in the city's craw. Like an unsubdued colony, the Upper West Side often seems, as an
earlier writer, Lloyd Morris, put it, like a city unto itself, with its own distinctive social tone.

With a few obvious differences, a biography of the Upper West Side could be the story of
almost any American town. One difference, of course, is that any American town would
not have boasted -- or endured -- the throng that has made the Upper West Side one of
New York's most vital neighborhoods.

A collage of Upper West Side faces would include Lillian Russell and Anna Held;
William Tecumseh Sherman and Florenz Ziegfeld; Charles Evans Hughes and Bruno
Richard Hauptmann; Humphrey Bogart and Richard Rodgers; F. Scott Fitzgerald and
Theodore Dreiser; Caruso and Toscanini; Walter Winchell and his pal Frank Costello;
Gertrude Stein and Mae West; Leonard Bernstein and John Lennon; Elizabeth Cady
Stanton and Polly Adler. And luckily for the storyteller, most of them were up to something
worth mentioning when they were here.

You'll also meet a number of their relatively unknown neighbors, some of them
sufficiently celebrated or notorious in their own day but never, until now, trapped between
the covers of a book.

When the townsfolk of New Amsterdam first turned their attention to the undeveloped
West Side, they called it
Blomendaal, "flowering valley," after a town in Holland's tulip
region. Gentrification, as we now call it, started in the 1760s, when the wealthiest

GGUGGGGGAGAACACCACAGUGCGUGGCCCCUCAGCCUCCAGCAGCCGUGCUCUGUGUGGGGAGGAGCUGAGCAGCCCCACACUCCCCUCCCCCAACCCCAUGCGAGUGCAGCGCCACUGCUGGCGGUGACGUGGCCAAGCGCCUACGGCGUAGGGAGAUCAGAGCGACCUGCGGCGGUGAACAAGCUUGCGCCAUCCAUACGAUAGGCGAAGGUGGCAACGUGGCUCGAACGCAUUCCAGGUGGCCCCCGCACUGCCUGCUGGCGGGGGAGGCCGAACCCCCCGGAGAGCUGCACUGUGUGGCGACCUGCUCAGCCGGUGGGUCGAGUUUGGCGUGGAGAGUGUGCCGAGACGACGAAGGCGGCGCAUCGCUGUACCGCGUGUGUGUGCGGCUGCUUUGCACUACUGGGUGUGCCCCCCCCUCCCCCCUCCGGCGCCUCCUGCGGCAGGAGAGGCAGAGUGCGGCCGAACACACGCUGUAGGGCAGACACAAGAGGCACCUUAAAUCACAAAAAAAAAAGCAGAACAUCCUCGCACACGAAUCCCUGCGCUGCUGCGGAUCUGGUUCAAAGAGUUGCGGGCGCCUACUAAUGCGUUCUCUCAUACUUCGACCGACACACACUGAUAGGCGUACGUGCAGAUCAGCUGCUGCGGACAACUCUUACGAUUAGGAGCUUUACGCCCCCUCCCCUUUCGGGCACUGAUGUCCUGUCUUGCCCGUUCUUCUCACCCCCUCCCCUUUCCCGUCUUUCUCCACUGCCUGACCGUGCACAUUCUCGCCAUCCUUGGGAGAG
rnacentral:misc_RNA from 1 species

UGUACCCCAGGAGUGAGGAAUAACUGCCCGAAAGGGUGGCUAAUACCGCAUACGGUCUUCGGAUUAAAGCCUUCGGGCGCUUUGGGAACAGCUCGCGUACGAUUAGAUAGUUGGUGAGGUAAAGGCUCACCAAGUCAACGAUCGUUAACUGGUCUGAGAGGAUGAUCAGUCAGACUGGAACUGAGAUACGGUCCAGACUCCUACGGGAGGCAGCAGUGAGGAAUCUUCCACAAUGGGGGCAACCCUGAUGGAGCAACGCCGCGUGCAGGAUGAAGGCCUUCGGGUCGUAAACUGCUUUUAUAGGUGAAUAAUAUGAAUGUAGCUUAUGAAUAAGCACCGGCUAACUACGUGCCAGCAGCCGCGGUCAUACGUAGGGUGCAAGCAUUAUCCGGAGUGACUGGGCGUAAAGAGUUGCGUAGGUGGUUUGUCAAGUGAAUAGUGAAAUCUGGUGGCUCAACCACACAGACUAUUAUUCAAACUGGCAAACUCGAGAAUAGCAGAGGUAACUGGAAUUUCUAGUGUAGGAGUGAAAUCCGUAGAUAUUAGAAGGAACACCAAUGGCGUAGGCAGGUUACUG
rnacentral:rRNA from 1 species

Colonial merchants and power brokers chose this area, with its grand river views, for
their lavish country seats. In the nineteenth century the name "Bloomingdale" was
familiar to all New Yorkers. The Bloomingdale Road (later renamed The Boulevard or
Western Boulevard) was the main western route out of town and a favorite with coaching
and sleighing parties; we call it Broadway. There were three different Bloomingdale
Squares on the map at different times, and the Bloomingdale Lunitic Asylum -- where
Columbia University is now -- was a prime tourist attraction.

For most of this century the name "Upper West Side" has been familiar and thoroughly
unfashionable; the area's most recent gentrification -- a verb coined by an Upper West
Side journalist, by the way -- was preceded by a long half-century when it became home
to an unsurpassed mix of classes, races, and ways of life, which was stimulating or
alarming, depending on your point of view.

My archetypal East Side - West Side story (old style) is about the Fifth Avenue dowager
who admits that yes, she actually had been to the West Side once, "but only to board the
Ile de France for Cherbourg, my dear."

The people in this book would mostly have been outside the lady's circle of
acquaintance: promoters, eccentrics, writers, socialists, scientists, madams, artists,
mobsters, a counterfeiter and a poisoner or two, lots of actors, musicians and theater
people. But then at times it also was a place of high social aspirations, a district of fine
homes and noble public boulevards. At certain carefully selected epochs in the
neighborhood's checkered past, I would wager, the Cherbourg-bound lady would have
felt right at home.

But then, so would the goat.